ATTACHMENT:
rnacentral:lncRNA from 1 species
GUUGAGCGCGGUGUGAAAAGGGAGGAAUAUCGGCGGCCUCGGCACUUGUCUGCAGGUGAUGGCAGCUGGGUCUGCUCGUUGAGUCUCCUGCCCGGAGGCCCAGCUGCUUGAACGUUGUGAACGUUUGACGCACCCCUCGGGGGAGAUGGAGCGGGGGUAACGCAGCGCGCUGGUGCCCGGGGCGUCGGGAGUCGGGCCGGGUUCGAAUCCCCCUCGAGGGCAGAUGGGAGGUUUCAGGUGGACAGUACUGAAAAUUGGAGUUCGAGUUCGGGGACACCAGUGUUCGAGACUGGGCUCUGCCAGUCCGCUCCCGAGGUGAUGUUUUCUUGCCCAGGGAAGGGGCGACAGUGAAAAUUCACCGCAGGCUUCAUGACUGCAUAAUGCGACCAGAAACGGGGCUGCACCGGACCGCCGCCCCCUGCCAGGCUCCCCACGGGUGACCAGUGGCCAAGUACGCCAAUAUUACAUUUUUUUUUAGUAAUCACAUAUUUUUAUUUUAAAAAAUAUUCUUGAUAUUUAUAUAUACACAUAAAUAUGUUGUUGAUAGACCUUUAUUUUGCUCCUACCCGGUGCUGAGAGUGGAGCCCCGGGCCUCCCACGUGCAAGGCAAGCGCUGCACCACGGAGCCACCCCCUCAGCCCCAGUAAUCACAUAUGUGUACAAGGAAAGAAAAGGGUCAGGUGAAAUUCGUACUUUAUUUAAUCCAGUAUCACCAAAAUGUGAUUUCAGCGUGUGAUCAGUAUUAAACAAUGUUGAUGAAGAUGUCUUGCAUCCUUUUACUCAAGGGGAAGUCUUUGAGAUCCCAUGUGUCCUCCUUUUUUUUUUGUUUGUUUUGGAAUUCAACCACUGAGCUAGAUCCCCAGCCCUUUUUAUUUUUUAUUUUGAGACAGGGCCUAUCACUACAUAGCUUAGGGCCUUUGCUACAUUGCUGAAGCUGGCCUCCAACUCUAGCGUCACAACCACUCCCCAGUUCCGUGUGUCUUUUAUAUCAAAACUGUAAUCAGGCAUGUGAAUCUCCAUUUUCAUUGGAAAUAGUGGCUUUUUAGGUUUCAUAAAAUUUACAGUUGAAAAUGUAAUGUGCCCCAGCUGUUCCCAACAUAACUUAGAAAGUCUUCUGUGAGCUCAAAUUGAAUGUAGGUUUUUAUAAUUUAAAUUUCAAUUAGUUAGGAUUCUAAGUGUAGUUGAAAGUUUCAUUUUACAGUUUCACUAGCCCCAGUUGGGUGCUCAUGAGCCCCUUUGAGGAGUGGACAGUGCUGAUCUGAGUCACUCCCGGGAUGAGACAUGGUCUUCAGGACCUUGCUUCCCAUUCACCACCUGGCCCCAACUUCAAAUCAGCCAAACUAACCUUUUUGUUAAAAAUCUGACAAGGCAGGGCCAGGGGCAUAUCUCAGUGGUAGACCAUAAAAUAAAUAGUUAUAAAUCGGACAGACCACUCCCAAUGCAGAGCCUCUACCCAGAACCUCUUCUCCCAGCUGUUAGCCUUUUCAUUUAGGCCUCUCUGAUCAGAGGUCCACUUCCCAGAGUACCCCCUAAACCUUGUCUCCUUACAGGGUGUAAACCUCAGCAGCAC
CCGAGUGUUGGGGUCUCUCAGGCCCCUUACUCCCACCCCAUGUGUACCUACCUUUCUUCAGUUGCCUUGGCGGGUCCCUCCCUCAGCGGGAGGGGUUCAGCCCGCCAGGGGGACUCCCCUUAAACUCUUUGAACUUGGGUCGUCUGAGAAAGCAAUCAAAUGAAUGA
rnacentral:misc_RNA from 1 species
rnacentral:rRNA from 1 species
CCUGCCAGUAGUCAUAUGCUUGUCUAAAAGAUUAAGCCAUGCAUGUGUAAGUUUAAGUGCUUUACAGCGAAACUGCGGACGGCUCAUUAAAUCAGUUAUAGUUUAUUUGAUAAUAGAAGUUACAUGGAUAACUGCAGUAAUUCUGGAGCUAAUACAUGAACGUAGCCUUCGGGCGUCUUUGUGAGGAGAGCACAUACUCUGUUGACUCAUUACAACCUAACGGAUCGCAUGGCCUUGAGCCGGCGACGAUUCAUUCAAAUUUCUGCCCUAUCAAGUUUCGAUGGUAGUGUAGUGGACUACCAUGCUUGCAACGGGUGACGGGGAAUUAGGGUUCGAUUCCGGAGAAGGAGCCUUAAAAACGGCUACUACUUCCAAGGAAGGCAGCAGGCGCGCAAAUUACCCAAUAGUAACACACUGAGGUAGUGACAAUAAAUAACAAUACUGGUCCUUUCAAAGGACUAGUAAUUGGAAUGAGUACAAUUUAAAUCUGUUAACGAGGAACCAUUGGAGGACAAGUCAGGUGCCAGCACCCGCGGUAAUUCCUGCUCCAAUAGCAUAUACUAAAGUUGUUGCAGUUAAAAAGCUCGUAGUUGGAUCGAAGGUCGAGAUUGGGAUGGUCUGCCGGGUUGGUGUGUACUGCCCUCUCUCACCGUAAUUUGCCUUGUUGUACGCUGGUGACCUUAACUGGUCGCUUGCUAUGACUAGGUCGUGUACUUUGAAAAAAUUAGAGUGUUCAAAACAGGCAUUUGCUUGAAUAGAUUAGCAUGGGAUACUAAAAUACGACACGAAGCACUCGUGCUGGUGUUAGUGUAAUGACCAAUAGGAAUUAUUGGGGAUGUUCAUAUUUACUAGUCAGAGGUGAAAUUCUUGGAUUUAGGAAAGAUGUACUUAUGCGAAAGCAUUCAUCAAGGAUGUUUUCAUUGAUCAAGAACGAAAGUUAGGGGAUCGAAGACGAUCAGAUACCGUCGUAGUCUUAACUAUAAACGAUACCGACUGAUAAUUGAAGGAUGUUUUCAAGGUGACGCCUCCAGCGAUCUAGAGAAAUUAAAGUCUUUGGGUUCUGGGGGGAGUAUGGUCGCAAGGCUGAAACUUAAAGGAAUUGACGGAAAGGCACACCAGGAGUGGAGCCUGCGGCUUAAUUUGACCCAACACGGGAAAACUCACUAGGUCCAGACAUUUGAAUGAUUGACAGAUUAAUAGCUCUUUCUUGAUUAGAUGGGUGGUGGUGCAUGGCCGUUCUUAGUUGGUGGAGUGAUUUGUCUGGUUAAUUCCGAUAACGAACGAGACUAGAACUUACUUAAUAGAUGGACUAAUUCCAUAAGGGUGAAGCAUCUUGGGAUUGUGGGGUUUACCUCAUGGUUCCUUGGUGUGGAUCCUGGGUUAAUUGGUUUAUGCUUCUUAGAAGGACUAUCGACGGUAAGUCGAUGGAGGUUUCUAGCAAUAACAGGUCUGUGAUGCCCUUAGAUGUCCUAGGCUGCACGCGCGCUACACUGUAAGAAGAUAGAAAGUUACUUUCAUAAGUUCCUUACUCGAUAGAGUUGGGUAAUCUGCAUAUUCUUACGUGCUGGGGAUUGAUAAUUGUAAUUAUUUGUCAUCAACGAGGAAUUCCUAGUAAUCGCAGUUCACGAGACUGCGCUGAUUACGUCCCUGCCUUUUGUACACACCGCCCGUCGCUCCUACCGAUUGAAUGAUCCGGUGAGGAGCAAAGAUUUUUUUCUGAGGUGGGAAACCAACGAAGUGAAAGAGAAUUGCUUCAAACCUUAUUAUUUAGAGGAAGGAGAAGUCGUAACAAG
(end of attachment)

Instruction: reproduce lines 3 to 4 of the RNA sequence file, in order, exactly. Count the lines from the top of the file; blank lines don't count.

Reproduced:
CCGAGUGUUGGGGUCUCUCAGGCCCCUUACUCCCACCCCAUGUGUACCUACCUUUCUUCAGUUGCCUUGGCGGGUCCCUCCCUCAGCGGGAGGGGUUCAGCCCGCCAGGGGGACUCCCCUUAAACUCUUUGAACUUGGGUCGUCUGAGAAAGCAAUCAAAUGAAUGA
rnacentral:misc_RNA from 1 species